Now, if the political philosophy of Treitschke could be rewritten from the beginning, the first part of it, which culminates in the doctrine that the State is Power, and the second part, which aims at presenting it as a 'moral community,' might both be so revised that the implications of the one would in some rational way agree with those of the second ; but, as matters stand, the second part has not only no logical connexion with the first in the way of logical sequence, but absolutely contradicts it, and can find in it no point of attachment. As regards mere formal logic, the doctrine that a State is an absolutely sovereign Power which justifies all it

does by the fact that it elects to do it, hangs together well enough, if we are willing to accept the consequences. But it is impossible to accept this contention, and yet at the same time to mitigate its consequences by contending, as Treitschke attempts to do, that these sovereign Powers are not sovereign at all; but that somewhere there is some standard which is superior to all and each, and can sentence any one of them as a sinner' if it uses its sovereign power except in certain limited ways. Not only does Treitschke fail even to suggest in definite terms what this common standard is, but in the first part of his argument he closes every logical loophole which might have left him free to argue that any such standard can exist. In that part he contends that a State is an individual thing with an individual will of its own, but that a Society is merely a name for a number of adjacent individuals, whose sole unity is in the image which they form on our mental retina. To what category, then, does the common standard belong, which he calls indifferently Culture,' the Spirit of History,' 'Real Character,' and Progress'? Has Culture an individual will? Is the "Spirit of History anything more than a name? Progress' perhaps may suggest a sequence of connected facts; but, as Mr Davis observes, Treitschke himself admits that progress is a movement of whose actual existence it is impossible to discover any intellectual proof.' Indeed, his whole doctrine of a moral standard for States, which is anything more than the brute power of each, finally goes to pieces in his own confession that, if it be philosophically analysed, it reduces itself to this proposition—that “a craving (vague and indefinable) of the individual conscience for individual perfection leads to the conclusion that humanity as a whole experiences the same craving for perfection.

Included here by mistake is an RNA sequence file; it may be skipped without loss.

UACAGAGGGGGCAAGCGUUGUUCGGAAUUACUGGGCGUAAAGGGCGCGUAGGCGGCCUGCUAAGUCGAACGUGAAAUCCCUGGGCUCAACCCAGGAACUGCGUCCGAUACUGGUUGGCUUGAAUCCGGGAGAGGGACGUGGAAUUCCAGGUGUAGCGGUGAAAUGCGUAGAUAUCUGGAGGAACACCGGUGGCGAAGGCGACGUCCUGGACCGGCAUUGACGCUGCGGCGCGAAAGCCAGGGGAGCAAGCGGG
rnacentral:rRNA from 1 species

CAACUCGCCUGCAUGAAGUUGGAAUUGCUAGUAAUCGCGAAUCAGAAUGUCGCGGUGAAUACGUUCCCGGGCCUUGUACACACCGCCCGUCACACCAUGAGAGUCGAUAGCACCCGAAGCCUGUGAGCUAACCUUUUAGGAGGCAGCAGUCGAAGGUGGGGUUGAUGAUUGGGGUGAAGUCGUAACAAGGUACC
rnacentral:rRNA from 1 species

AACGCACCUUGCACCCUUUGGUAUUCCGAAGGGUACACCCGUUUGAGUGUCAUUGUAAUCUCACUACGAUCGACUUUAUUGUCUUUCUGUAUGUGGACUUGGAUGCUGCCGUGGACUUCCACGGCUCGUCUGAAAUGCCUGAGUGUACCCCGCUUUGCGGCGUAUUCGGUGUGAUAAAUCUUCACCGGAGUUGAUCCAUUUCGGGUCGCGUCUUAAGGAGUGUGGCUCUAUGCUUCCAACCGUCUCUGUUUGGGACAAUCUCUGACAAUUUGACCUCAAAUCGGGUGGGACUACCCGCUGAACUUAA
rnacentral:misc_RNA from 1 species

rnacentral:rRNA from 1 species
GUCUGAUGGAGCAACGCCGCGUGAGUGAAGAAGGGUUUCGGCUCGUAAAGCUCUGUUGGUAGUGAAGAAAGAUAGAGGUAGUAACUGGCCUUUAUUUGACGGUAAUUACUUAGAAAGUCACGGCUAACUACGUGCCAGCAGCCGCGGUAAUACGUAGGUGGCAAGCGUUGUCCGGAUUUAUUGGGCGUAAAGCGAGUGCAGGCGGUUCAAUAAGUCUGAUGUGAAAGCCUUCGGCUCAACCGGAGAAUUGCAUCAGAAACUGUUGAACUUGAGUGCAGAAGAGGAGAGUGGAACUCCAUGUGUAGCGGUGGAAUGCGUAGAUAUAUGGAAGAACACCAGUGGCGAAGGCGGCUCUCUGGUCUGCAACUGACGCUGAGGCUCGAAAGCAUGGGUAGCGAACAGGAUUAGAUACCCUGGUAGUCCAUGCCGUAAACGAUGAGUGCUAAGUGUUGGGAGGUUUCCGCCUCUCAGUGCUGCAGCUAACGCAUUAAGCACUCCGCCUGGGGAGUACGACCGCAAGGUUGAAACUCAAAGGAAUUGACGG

A philosophy which begins with the bald and uncompromising argument that any acts of a State are for itself moral which tend to increase its power, because each State is sovereign' and cannot be subject to any will but its own, and which end with the doctrine that all States are subject to the will of a 'general craving,' or a conclusion' that some 'general craving' exists, to which nobody can assign any definite content, is like an image with a body of iron, which, in order to make it

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look human, is surmounted by a head of feathers. And this criticism of Treitschke's philosophy is, as we shall see presently, not only that which will be pronounced by the philosophical student, but is that which has been practically pronounced by the whole German people. But, before considering this aspect of the case farther, let us, in view of the fact that Treitschke was no fool, consider how, if his philosophy is really of such a crudely inconsistent kind, it could ever have been regarded and promulgated as a coherent system by himself. The answer is to be found in an observation which has been made already, that the clue to his thought lies in the circumstances of his own life.